BOOK SYNOPSIS:

Amelia Cook never wanted to be a corporate executive responsible for a toy business that spanned the country. She accepted the job out of obligation to her past love. The work has forced her away from her children and broken her marriage. After years of misery, she’s decided to walk away.

Single, unemployed and uninspired, Amelia rents a palatial lake cabin for the summer and attempts to reconnect with her children who barely recognize the mom they once knew. Amelia’s summer at the lake takes a surprise turn when a handsome man moves into the cabin next door. The only problem? It’s her old boss, Nate. Can Amelia forgive Nate’s past behavior, find love and forge a bond with her children all while being dragged back into the corporate life she loathes?

Better Not Love Me is the sequel to Don’t Wait For Me, but is a standalone novel.

PURCHASE BETTER NOT LOVE ME ON AMAZON

Dan Kolbet Author Photo 1

ABOUT DAN KOLBET:

Dan Kolbet lives in Spokane, Washington with his family. He is an independent author, former newspaper editor and reporter. He is currently working on his next story.

His novels include You Only Get So Much, Don’t Wait For Me, Off The Grid, Better Not Love Me, plus short stories, Five Rows Back and An Easel for Avery.

You might read romance stories to escape the humdrum day-to-day. You root for your protagonist to find the love you have at home, or the love you want to have someday. Unfortunately, we’re not all tennis pros, powerhouse attorneys or lonesome billionaires pining for each other. Most of us are pretty normal people who do normal people things each day. Love happens in the middle of all that. Love stories happen around us every day, we just have to find the patience to see them and take notice.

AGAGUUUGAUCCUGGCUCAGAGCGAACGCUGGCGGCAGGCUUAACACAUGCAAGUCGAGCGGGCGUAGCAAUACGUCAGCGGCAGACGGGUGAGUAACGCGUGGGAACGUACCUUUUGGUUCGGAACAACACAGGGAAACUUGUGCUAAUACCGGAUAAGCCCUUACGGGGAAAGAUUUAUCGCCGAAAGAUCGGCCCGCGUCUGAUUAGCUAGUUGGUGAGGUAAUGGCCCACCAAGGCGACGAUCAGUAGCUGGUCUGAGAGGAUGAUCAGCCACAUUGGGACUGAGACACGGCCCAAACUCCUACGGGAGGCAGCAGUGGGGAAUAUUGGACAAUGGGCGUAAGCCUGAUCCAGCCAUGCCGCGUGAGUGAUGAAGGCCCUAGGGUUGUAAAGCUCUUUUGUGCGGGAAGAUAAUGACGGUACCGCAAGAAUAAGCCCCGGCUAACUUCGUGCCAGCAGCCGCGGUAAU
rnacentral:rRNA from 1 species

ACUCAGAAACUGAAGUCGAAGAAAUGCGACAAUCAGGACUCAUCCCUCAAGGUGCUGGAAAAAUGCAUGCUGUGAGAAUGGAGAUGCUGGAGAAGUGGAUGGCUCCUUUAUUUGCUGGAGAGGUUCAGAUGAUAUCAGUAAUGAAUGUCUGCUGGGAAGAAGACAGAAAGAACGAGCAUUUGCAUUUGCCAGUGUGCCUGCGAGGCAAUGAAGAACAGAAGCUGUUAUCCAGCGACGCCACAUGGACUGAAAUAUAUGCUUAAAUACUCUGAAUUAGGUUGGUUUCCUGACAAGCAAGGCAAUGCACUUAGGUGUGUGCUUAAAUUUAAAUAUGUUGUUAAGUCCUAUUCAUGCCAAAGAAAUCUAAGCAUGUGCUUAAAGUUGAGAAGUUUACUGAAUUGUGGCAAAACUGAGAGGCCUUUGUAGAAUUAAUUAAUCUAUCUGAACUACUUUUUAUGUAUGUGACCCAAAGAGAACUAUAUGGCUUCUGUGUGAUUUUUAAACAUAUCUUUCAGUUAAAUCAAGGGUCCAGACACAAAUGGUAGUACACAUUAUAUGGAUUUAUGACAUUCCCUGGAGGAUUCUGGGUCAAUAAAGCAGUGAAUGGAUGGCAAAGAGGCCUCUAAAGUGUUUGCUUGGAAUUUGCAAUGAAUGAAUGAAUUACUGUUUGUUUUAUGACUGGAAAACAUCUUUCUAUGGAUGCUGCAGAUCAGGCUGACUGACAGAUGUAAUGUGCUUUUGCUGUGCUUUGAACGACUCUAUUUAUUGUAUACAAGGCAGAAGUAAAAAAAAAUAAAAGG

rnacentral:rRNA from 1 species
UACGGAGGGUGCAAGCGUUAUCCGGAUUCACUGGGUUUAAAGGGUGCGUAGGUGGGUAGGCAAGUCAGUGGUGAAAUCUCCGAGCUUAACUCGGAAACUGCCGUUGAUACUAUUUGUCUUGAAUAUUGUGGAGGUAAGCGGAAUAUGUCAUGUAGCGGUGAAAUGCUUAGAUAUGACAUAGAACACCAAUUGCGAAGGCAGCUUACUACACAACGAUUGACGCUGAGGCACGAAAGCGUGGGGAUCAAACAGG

So when the characters in my novels fall in love, it’s not because they are in a romance novel. It’s because that’s what people in their situation should do. Yes, they might fight it. And they will probably screw it up, but isn’t that what we all do?

CONNECT WITH THE AUTHOR

WEBSITE

FACEBOOK

AUTHOR AMAZON PAGE

*Book Tour Media Kit prepared by Susan Barton, My Book Tour.

An Assiduous Novel by James Faro

I am a member of the Goodreads group Swap Reviews which is a good place for Self and Independently Published books to gather some reviews by other authors.

I selected a novel, The Assiduous Quest by Tobias Hopkins, by James Faro because I like the title. And yes, I had to look up the definition of assiduous! And I must admit, this novel is definitely marked by careful unremitting attention or persistent application!

Let me begin by introducing the author, James Faro.JamesFaro.JPG

James Faro joined the Merchant Navy at the age of sixteen, traveling extensively throughout Brazil, North America and the Caribbean. He has lived in many countries including Spain, Portugal, Cyprus, Aden and The Netherlands. Now living in Brighton, on the south coast of England, he has retained his fascination with travel and the sea which is reflected in his writing. He has a Post Graduate degree in History from the University of Sussex.

I contacted him after reading his book and I am delighted that he accepted my invitation for an interview but I’ll get to that later.

First, about his novel!Linen Market, Dominica (detail) by Agostino Brunias.jpg

The Assiduous Quest of Tobias Hopkins

A step back in time to 17th Century Jamaica.

Genre: Historical Drama

Intended Audience: From Young Adults to General Fiction readers

The road curved for a good half-mile before it met the house; a steep valley, rich in wild vegetation, separated Toby from the property. The line of trees leading up to the front porch of the house cast long shadows across the carriageway. To the left and a little further up the slope, there were some more outbuildings which he hadn’t noticed on his first visit. The sun was high enough now to light up the east side of the property and the hill beyond was touched with a thin layer of mist: a scene presenting a magical picture of La Bruma.